Physically integrated dance companies blur lines, cross barriers
The last act of the performance opened with a dark stage backlit with dusk-blue. To the sound of a pulsing Maori keening chant with techno highlights, wheelchair dancer Rodney Bell slowly descended onto the stage via cables. Sometimes dangling upside down, sometimes appearing to somersault, Bell, paraplegic, gyrated along the way. He slapped his chest and thighs—warlike gestures punctuated with grunts—and when he finally had all four wheels on the ground, his face, painted with traditional tattoos, appeared to the audience. The dance, sensual and aggressive, might have been a holy ritual.
Bell’s performance was part of a 2008 work by the Oakland, California, dance project Sins Invalid.
“In the opening piece I’m portrayed as being crucified and get carried up into the air off the stage,” says Bell, 39, a New Zealand native. “So in the last piece I come down. Inside I felt like one of the Maori weather gods, descending from being crucified, and also coming back empowered as a person with a disability, with my full sexuality and sensuality intact.”
Although Bell participates in Sins Invalid performances, his day job is as a professional dancer with AXIS Dance, a physically integrated Oakland dance company.
Physically integrated dance is performed by people with and without disabilities, together on the same stage or as part of the same piece of choreography. Each company is different, depending on its region and audience, but many of them have in common a strong sense of athleticism and aestheticism.
“Art is what changes the world, and it’s wonderful to change people’s ideas by giving them dance rather than telling them they should think or feel a certain way. They get to watch us and stare at us for two hours and come to their own conclusions,” says Judith Smith, artistic director of AXIS Dance, who became a quadriplegic at age 17 as a result of a car accident. “It was through dance that I learned all those things I didn’t learn in rehab. Dance completely changed my relationship to my body, my muscle strength, my balance, my coordination, all of that.”
The company was established in 1987, when people with and without physical disabilities dancing together was still new. Any and all were welcome to dance, regardless of ability or talent. This was a fun, creative time in the life of the company, but as the AXIS website says, “it wasn’t always easy convincing some that AXIS was creating dance and not ‘just doing therapy.’ ”
Over the years, AXIS evolved into a respected professional dance company by bringing in outside choreographers and at the same time expanding and reorganizing its education program.
Bell has used a wheelchair since a motorcycle accident when he was 20. Always physical, Bell first discovered wheelchair basketball. Dance, while it is just as athletic, is more enjoyable, he says. “At AXIS we can practice up to six hours a day with just a couple of breaks. But when I’m dancing and thinking of how I move, I don’t really get tired. Or, I do, but I don’t notice.”
Mary Verdi-Fletcher is the first wheelchair user to have performed as a professional dancer in the United States. Born with spina bifida, Verdi-Fletcher founded the Dancing Wheels Company in Cleveland so that she could offer others with disabilities the chance to discover dance.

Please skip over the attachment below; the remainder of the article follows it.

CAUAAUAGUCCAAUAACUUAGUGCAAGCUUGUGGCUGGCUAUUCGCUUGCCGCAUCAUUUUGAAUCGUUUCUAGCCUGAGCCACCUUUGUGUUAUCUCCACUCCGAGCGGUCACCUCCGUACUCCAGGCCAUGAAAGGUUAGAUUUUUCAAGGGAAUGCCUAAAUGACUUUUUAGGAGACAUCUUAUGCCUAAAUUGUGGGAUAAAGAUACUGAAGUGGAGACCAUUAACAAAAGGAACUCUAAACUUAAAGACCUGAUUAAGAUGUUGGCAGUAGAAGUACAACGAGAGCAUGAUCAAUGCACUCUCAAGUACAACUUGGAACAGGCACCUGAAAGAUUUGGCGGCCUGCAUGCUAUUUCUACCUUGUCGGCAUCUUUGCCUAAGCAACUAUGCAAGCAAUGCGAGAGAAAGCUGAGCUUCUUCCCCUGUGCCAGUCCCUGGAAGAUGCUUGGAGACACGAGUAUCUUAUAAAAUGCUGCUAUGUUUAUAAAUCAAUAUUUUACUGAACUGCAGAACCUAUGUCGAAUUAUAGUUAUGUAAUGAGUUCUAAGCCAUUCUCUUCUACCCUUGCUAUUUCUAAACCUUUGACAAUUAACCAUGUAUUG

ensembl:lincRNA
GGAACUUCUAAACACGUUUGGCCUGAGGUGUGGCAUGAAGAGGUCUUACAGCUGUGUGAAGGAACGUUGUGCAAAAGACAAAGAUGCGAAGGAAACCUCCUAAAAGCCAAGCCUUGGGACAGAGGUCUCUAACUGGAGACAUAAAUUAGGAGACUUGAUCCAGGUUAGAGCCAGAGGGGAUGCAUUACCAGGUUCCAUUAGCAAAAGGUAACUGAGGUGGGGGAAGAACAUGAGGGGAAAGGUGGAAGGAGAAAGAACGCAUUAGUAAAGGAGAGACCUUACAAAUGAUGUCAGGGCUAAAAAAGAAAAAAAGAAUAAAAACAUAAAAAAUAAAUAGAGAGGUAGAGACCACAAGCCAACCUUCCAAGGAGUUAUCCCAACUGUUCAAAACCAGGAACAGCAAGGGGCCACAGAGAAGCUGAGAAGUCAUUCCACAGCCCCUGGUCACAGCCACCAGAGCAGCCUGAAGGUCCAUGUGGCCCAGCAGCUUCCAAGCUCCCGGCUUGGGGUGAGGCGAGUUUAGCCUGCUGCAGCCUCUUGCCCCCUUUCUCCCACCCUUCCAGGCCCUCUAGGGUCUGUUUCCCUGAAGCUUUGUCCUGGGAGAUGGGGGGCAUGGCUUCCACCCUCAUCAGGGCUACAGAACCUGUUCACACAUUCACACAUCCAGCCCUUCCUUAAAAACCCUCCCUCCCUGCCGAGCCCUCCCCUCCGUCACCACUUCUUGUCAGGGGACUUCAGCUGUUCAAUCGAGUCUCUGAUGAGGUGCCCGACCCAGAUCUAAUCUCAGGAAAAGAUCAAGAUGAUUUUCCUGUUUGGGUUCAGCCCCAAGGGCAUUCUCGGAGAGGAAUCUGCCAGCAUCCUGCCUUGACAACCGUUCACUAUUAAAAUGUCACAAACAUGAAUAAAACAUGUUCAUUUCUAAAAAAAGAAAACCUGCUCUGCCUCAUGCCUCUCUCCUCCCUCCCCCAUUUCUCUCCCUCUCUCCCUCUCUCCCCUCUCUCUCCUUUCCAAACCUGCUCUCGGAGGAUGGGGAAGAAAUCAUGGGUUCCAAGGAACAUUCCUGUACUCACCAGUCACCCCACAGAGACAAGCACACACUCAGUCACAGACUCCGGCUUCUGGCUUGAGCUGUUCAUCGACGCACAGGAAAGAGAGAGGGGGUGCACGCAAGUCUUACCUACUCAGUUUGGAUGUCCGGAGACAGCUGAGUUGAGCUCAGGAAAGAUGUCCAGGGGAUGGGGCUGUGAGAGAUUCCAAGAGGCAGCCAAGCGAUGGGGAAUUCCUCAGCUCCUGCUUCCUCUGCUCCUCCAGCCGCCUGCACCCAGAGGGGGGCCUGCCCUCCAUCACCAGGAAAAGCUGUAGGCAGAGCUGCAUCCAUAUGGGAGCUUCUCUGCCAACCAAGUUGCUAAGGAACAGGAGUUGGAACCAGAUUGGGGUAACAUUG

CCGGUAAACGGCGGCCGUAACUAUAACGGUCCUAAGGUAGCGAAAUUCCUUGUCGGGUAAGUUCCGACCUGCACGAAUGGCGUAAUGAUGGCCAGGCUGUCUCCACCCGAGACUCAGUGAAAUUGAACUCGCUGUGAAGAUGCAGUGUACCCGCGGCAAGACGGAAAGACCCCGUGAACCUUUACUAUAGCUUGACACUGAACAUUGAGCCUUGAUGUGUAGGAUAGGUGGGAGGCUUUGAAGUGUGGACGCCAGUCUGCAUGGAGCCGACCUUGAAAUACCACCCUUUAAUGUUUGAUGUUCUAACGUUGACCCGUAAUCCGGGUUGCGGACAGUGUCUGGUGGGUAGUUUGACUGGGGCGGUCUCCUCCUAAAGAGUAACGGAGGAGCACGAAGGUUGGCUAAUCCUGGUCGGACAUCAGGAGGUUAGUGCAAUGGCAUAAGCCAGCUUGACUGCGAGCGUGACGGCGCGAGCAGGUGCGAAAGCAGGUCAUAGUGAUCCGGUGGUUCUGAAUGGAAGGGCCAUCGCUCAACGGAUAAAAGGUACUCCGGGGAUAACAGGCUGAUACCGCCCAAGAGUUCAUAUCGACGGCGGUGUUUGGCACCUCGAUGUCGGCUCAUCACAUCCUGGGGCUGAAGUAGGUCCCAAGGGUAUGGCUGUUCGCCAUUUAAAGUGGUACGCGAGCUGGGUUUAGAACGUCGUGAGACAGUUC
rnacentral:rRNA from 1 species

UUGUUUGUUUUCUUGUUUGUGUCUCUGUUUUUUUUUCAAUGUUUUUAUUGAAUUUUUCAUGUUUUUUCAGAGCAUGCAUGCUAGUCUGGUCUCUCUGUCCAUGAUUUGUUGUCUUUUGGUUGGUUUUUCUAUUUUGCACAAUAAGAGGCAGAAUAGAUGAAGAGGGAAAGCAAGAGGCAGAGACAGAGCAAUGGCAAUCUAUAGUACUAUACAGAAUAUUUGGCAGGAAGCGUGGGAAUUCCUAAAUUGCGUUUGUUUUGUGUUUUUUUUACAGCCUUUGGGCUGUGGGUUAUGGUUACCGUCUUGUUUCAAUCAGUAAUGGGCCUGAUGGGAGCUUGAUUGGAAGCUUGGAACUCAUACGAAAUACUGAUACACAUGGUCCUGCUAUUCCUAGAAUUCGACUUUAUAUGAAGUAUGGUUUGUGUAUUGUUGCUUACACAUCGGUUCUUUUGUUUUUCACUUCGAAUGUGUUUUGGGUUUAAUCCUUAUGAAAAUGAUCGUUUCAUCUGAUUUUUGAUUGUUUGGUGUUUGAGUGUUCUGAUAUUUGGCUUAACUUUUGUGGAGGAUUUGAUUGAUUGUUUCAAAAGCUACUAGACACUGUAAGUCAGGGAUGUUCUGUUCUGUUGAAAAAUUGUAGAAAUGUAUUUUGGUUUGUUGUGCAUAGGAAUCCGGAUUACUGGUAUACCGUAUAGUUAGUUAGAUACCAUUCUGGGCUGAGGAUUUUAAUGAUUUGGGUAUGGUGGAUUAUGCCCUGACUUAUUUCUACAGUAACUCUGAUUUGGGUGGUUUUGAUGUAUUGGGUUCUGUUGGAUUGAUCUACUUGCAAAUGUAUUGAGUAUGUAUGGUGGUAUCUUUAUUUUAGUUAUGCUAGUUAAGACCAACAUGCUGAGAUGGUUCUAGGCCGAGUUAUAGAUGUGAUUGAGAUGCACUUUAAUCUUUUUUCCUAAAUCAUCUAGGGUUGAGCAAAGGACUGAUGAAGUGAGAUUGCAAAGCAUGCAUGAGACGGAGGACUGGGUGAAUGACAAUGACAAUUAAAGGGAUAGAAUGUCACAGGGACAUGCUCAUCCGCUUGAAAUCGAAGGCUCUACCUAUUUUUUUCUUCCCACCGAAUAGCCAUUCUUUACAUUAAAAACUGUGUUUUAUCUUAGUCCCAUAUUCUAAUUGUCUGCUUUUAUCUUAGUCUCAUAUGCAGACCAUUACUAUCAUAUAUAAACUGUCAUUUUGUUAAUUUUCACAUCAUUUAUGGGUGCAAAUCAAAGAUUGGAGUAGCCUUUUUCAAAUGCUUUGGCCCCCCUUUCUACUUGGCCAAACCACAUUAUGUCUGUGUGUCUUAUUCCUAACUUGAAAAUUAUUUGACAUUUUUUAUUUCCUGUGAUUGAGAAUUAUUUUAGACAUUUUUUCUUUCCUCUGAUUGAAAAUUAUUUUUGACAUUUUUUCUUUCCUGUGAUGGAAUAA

The company recently celebrated its 30th anniversary, a milestone for the whole genre, not just Dancing Wheels. “It’s flown by,” Verdi-Fletcher says. “It started out with just my desire to dance, and that stemmed from my mother, who was a professional dancer, and my father, who was a musician.”
Even though her mother taught her basic movement, Verdi-Fletcher had nowhere to go and no one to emulate to learn the finer points of wheelchair dance. She performed in nursing care facilities around the city, which is how she finally broke into the field. “The artistic director of the Cleveland Ballet was visiting a friend where I was performing, and he was struck by what he had seen. He had never seen a wheelchair user dance at that level before.”
They struck up a correspondence, and she told him she’d love to do something with the Cleveland Ballet. It took more than a year, but they developed an outreach and education program for both dancers and the local community. And Verdi-Fletcher finally received the higher level of training she craved.
“I was able to train with the dancers, take classes, and then develop my own classes,” she says. Thus was Dancing Wheels born.
Dancing Wheels performances often appeal to families: A dance called “Snowman” shows both sit-down and stand-up dancers—as the company refers to those who use or don’t use wheelchairs—engaging in snowball battles, building snowmen, and other winter activities. Yet there are some pieces, such as “Walking on Clouds,” that deal with serious topics, like how it feels to be discriminated against because of disability or race.
Dancing Wheels has a repertoire of more than 40 dances, many of them laced with whimsy.
“We have a wide range of audience,” Verdi-Fletcher says. “Stories appeal to parents, children, and grandparents. But we’re going to be working on Ingenuity [a Cleveland festival] with another company, mixing technology and art together. Plus, we’ll be working with NASA on dancing in zero gravity, moving through space—on not using your legs, whether you’re a stand-up or sit-down dancer.”
Verdi-Fletcher is developing a manual on her company’s style of physically integrated dance. “There have been many requests, and people in academia right now don’t know how to get started on the college level when they have a student taking a class,” she says. “There’s just always something new.”
Excerpted from New Mobility (Sept. 2010), a magazine about disability culture and other issues of interest to wheelchair users. www.newmobility.com
This article first appeared in the January-February 2011 issue of Utne Reader.